7. I don’t stop by too often (being the non-commital sort of new friend type), but it’s always a joy to visit your blog. I so enjoy your humor & style (and correct usage of “whom”, of course).

  8. Hannah…This is one of the toughest situations there is (after in-laws). Having been, at one point, the one people wanted out, it sometimes takes a while to get the hint. And, you don’t want to just directly say, “We’d prefer not to have you around” for obvious reasons. I think my approach would be to just start being very candid in conversations. When she says something that makes you crazy, just speak up. Disagree with her. Contradict her. Use this carefully, and be genuine. Do not contradict her or disagree with her just because.I think it’s also perfectly appropriate to point out bad behavior. I have been “that” friend. I remember one of my “friends” saying to me, “You know, when you say things like that, it makes me not want to be your friend.”This will go one of two ways. In my case, I thought, “Wow, I do not want people to perceive me like that because that is not how I feel at all.” And I changed my behavior and remain friends with that person and am still grateful to this day for her honesty.The other result…she will hate you, think you are a big b@#$!, and never talk to you again (maybe about you, but not to you). Either way, problem solved. In these moments, I really do try to think about us all being children of God. I can kind of stop caring about someone’s feelings sometimes, and this helps me to not be brutally honest.Without knowing the exact situation, that’s the best advice I have.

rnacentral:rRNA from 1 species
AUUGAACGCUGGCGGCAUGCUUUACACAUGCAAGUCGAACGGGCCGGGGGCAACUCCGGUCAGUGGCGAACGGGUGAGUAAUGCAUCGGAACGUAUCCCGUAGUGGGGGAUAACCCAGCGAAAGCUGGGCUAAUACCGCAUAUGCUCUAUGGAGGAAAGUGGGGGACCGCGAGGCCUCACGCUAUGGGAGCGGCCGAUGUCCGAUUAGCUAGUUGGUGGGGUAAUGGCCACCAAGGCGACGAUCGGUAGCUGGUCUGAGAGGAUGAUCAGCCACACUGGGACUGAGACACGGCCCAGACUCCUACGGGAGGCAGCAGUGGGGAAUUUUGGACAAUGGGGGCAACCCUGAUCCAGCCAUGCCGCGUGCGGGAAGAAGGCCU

9. I love this post. I have a few close friends and a lot of friend-friends and it is a total choice that I like. I find that I can’t fully maintain tons of close friendships without feeling burned out and like I am not meeting my own expectations for being a good friend.A question for the expert though- this is one that I seriously have lost sleep over and know this person would never read this and assume because she doesn’t blog. What if there is someone who is part of a group of friends that you wish you could phase out? You like everyone else and get along famously, but this one person drives you nuts. And it seems they are always tagging along and inviting themselves to things or making comments after the fact about being left out? Like they can’t accept that you may want to just hand out with X and not make is a big deal? Like she wants me to make her a close friend but it just isn’t there. What would you do?

  10. ohhhhh, dear chloe…i believe you have summed up my life in this blog posting. i have one former friend who pretty much fits into almost every scenario you described here. she is a former friend, who happened to gossip a whole lot about me during the tough times (and we all know what happens when one gossips), also happens to try to contact me on occasion, but only through mutual friends.and i am also limiting in my friendships…i just like to call myself choosy. and you’re right about the chartreuse thing. if only there were more of us…THEN we could be friends with everyone. ha.

  11. Chloe-you couldn’t say it in better words. Sometimes I feel like my in-law relationships are kind of “fake,” because we all really do want the fam. to like us. I’m working on being more honest, and my husband said I’m doing a pretty good job. 🙂 It’s definitely hard, but it’s one of those relationships you just have to make work. Thanks for your awesome advice. Seriously–start a column! 🙂